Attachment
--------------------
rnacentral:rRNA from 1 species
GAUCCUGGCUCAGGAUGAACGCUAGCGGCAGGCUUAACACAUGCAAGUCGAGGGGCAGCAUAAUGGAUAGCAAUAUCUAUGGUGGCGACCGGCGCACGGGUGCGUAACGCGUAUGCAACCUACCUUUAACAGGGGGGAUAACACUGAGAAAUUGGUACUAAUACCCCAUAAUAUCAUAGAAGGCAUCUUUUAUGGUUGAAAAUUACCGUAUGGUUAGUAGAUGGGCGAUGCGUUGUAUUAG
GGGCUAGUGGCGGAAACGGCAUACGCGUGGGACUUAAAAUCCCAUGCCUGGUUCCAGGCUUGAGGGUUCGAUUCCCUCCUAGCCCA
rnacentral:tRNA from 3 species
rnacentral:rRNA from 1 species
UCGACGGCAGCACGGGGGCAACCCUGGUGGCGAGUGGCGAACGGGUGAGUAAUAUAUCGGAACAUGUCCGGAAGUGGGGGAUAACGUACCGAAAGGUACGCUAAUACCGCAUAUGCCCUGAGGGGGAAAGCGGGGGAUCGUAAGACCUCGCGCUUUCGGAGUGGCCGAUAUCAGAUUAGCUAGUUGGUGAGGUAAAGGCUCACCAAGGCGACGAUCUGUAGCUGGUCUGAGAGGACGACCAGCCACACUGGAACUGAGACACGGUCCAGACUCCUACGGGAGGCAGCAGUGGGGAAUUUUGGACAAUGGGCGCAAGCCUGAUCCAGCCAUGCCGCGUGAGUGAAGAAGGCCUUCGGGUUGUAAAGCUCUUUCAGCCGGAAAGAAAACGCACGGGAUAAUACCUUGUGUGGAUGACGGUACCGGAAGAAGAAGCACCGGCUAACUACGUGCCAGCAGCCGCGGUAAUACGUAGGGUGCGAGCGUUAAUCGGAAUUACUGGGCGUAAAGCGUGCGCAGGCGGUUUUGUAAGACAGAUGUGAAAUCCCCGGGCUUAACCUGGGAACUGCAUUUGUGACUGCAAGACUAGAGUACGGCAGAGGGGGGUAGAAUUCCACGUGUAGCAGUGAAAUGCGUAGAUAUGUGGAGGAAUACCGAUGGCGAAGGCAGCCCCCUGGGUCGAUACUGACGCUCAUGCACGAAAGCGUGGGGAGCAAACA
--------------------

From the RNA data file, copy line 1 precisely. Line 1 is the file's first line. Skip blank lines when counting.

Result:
rnacentral:rRNA from 1 species